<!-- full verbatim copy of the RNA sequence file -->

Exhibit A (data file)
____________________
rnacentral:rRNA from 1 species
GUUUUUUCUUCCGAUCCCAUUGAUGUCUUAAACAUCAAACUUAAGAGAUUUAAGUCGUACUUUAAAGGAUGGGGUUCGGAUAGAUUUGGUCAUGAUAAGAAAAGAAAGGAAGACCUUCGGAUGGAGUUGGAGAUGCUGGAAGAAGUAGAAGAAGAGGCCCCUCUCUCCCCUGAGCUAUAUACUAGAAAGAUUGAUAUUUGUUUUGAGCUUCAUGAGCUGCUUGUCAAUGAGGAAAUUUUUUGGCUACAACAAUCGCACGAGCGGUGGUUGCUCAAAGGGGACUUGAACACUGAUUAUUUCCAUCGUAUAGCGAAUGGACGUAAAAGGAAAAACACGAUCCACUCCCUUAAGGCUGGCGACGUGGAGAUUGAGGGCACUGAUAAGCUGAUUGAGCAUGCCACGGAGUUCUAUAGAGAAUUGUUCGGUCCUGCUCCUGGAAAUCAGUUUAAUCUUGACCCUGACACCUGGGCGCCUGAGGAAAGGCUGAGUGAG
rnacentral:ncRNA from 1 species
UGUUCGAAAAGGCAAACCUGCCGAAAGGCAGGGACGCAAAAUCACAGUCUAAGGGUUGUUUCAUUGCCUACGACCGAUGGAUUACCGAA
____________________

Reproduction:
rnacentral:rRNA from 1 species
GUUUUUUCUUCCGAUCCCAUUGAUGUCUUAAACAUCAAACUUAAGAGAUUUAAGUCGUACUUUAAAGGAUGGGGUUCGGAUAGAUUUGGUCAUGAUAAGAAAAGAAAGGAAGACCUUCGGAUGGAGUUGGAGAUGCUGGAAGAAGUAGAAGAAGAGGCCCCUCUCUCCCCUGAGCUAUAUACUAGAAAGAUUGAUAUUUGUUUUGAGCUUCAUGAGCUGCUUGUCAAUGAGGAAAUUUUUUGGCUACAACAAUCGCACGAGCGGUGGUUGCUCAAAGGGGACUUGAACACUGAUUAUUUCCAUCGUAUAGCGAAUGGACGUAAAAGGAAAAACACGAUCCACUCCCUUAAGGCUGGCGACGUGGAGAUUGAGGGCACUGAUAAGCUGAUUGAGCAUGCCACGGAGUUCUAUAGAGAAUUGUUCGGUCCUGCUCCUGGAAAUCAGUUUAAUCUUGACCCUGACACCUGGGCGCCUGAGGAAAGGCUGAGUGAG
rnacentral:ncRNA from 1 species
UGUUCGAAAAGGCAAACCUGCCGAAAGGCAGGGACGCAAAAUCACAGUCUAAGGGUUGUUUCAUUGCCUACGACCGAUGGAUUACCGAA